Stable root:shoot ratios between days 40-85 consistent with equilibrium patterns of resource allocation


Dan herms department of entomology the ohio state university

Soil fertility and insect resistance:

“Properly fertilized trees are better able to ward off

both insect and disease damage."

“Fertilizing landscape plants promotes their general

health and vitality, making them more resistant to

insect and disease attack."

"Fertilization promotes vigorous growth, disease,

and insect resistance, and stress tolerance."


Dan herms department of entomology the ohio state university

Fertilization decreased the insect resistance of woody plants in almost every study.

No study showed increased resistance.

Herms, D.A. 2002. Effects of fertilization on insect resistance of woody ornamental plants: reassessing an entrenched paradigm. Environmental Entomology 31:923-933.


Dan herms department of entomology the ohio state university

Field Studies: Effects of fertilization on paper birch and red pine


Dan herms department of entomology the ohio state university

Fertilizer Treatment (ANSI standard):

Rate:4.1 lb N / 1000 ft2 / yr

200 kg N / ha / yr

178 lb N / acre / yr

Formulation: 18:5:4 NPK (56 % N slow release)

Timing: early May and mid-Sept (split application)


Dan herms department of entomology the ohio state university

Fertilization increased growth of Sphaeropsis tip blight lesions by 50%

Blodgett et al. 2005. Forest Ecology and Management 208:273-382.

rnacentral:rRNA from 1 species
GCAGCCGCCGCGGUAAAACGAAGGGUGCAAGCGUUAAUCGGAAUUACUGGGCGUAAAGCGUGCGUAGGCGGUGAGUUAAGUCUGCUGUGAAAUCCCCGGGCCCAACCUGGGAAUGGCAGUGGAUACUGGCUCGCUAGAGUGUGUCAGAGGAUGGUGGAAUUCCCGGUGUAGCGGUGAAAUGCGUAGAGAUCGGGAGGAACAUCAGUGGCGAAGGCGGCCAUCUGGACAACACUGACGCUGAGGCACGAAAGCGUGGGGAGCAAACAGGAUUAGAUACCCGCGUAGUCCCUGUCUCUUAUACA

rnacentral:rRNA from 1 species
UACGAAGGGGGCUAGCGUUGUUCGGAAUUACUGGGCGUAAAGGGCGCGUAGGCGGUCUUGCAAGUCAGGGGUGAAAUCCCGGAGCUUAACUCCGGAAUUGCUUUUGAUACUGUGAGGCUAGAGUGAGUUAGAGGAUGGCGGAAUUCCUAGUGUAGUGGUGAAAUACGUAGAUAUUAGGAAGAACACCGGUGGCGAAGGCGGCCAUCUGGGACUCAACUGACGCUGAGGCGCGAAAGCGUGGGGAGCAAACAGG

Dan herms department of entomology the ohio state university

Effects of nursery fertility regime on crabapple following transplanting

(Lloyd, J.E., et al. 2006. HortScience 41:442-445)

1997: three fertility treatments in container nursery

1998: transplanted to low maintenance landscape.


Dan herms department of entomology the ohio state university

Greater impact of drought stress on photosynthesis of high fertility plants.


Dan herms department of entomology the ohio state university

  • Fertilization and stress tolerance:

  • decreased root:shoot ratio

  • increased water requirements

  • decreased secondary metabolites


Dan herms department of entomology the ohio state university

  • Fertilization decreased drought stress tolerance:

  • Red oak, chestnut oak (Kleiner et al. 1992)

  • American elm (Walters and Reich 1989)

  • Monterey pine (Linder et al. 1987)

  • Red pine (Miller and Timmer 1994)

  • Loblolly pine (Green et al. 1994)

  • Scots pine (Nilsen 1990)

  • Norway spruce (Nilsen 1995)


Dan herms department of entomology the ohio state university

Nutrient cycling in a forest:

the ultimate slow release fertilizer


Dan herms department of entomology the ohio state university